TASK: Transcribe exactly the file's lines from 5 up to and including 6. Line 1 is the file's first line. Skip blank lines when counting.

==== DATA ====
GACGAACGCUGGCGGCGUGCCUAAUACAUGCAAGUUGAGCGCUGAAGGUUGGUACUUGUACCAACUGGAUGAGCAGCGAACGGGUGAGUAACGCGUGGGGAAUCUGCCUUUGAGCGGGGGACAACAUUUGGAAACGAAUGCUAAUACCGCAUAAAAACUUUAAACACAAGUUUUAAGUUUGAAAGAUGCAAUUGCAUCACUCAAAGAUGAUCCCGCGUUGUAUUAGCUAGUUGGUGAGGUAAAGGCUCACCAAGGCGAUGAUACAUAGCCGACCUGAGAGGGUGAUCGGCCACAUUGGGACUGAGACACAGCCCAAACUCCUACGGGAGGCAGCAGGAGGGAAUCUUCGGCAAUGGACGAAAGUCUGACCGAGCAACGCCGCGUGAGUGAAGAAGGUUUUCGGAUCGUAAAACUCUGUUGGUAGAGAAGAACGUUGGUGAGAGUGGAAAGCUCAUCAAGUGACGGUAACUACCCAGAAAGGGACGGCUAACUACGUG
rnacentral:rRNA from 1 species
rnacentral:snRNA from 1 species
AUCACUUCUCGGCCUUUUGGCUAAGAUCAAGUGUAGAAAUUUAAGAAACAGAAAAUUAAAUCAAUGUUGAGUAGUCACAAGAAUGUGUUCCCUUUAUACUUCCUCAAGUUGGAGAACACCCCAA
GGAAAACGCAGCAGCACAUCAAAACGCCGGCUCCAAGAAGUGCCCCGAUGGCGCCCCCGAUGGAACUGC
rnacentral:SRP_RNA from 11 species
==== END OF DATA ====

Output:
GGAAAACGCAGCAGCACAUCAAAACGCCGGCUCCAAGAAGUGCCCCGAUGGCGCCCCCGAUGGAACUGC
rnacentral:SRP_RNA from 11 species